But perhaps the simplest reason for making a decision is the fact that you recognise something. This can be a very profitable strategy: Borges et al. (1999) found that stock portfolios constructed on the basis of company name recognition were more successful than those constructed by business students on the basis of knowledge. Stock portfolios involving foreign companies are also more likely to be based on name recognition than those involving home companies, because there is less knowledge available. Indeed, with both German and American students the researchers found superior performance for foreign stock portfolios over home portfolios.

Gigerenzer's work explicitly draws on Simon's notion of bounded rationality, though using the term ecological rationality to refer to the match between mind and environment that is emphasised in their work. Gigerenzer and Goldstein (1996) have used computer simulations to show that judgments based on single reasons such as this are at least as accurate as judgments based on the integration of several items of information. However,some authors are critical of the assumptions underlying this approach (see e.g. the exchanges in Behavioral and Brain Sciences. 2(5), 727-780).

The effectiveness of simple decision strategies is supported by research from naturalistic decision making (NDM). Much of this research studies important real-life decisions made by experts under conditions of time pressure and stress. A typical finding is that decision makers rarely consider more than one course of action at a time. According to the 'recognition-primed' theory of decision making (Klein, 1998), a decision maker mentally simulates the consequences of following the same course of action that worked on a previous occasion. Only if this simulation is not acceptable does the decision maker consider some alternative course of action. In essence, expert decision makers are using Simon's satisficing heuristic.

So should we teach rational decision making?
The view of the optimists seems to imply that the teaching of rational decision-making techniques may be unnecessary; the current cognitively constrained behaviours are suited to the environment. Indeed, one implication of NDM research, according to Klein, is that it may be counterproductive to attempt to teach experts 'rational' decision-making techniques. Rather they should undergo intensive training involving exposure to a range of different scenarios.

From a Brunswikian perspective this allows people to gain an understanding of the underlying structure of the environment. However, it relies upon receiving the sort of outcome feedback that is often unavailable in real life. For example, jurors will usually never know whether they imprisoned the wrong person. More typically. behaviour is changed using cognitive feedback in the form or ideal weighting of information given the environmental structure.

Another approach is to change aspects of the environment to fit people's inherent information-processing behaviour. As described above, the specific wording of some probability problems has been shown to facilitate reasoning performance. In another domain, Klayman and Brown (1993) found that medical diagnosis was improved when training involved the presentation of contrasted information about two diseases rather than learning about those diseases separately. A decision aid may take doctors and patients through a series of steps in which they discover underlying preferences, possible options and which course of action is actually the best one.

It is important to consider a range of situations in which rationality in both personal and public policy decisions can be undermined by certain intuitions (see Baron, 1994a, 1998). For example, we generally consider it important to avoid doing harm through our actions, but are sometimes willing to risk harm through inaction. In one study many participants voted against hypothetical social reforms that they agreed would be beneficial overall. often on the grounds that some people would nonetheless be worse off (Baron & Jurney, 1993).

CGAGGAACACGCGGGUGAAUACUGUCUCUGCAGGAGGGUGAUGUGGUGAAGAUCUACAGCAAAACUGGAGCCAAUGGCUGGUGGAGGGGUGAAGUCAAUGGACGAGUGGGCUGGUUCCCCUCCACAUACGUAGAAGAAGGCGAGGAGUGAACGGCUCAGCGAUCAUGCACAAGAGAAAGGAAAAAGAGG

This 'do no harm' [Ref: JS.Mill "Offence and Harm"; A.Rand {Collectivism}] intuition can influence people's willingness to vaccinate a child where the vaccine itself carries some smaller risk of harm.
Similarly, public policies on new drug testing are more concerned with the harm that could be done from a drug than with the potential benefits that are being denied as a result of costly testing procedures and fear of lawsuits. Media coverage of possible or actual drug side-effects is common, but there are rarely media campaigns for the development of new drugs.

This reluctance to make trade-offs suggests that education in rational decision-making techniques may be of value, at least in situations not seriously constrained by time pressure. For example, school students who have had classes in rational decision making could put this into practice in their choice of examination subjects, universities, and later important life decisions.

Conclusions and implications
The idea of bounded rationality in judgment and decision making has proved to be a powerful one, motivating the search for various mental shortcuts in thinking. However, an overemphasis on errors in thinking may have helped lead to a view of people as 'irrational'. This article has reviewed other evidence that shows people in a more positive light. Moreover, recent research is developing the ideas of Brunswik and Simon that cognitive mechanisms are linked to the structure of the environment.

Despite the shift towards the optimistic camp in judgment and decision making, there are still questions to be addressed relating to contemporary decision environments in which our evolved thought mechanisms may not be particularly helpful (Ayton & Wright, 1994). For example, it is hard to see how heuristic thinking by jurors could be of benefit to the legal process, and researchers are keen to identify the kinds of context that will facilitate a more analytical mode of thought (see Honess & Charman, this issue). In some situations decision education and decision-analysis techniques may be of use. However, the effectiveness of such methods, though widely assumed, is largely untested (Clemen, 1999) and perhaps even doubted (Klein, 1998). What is needed is an investigation of specific decision domains, and whether factors that optimise performance in one domain also help in another domain.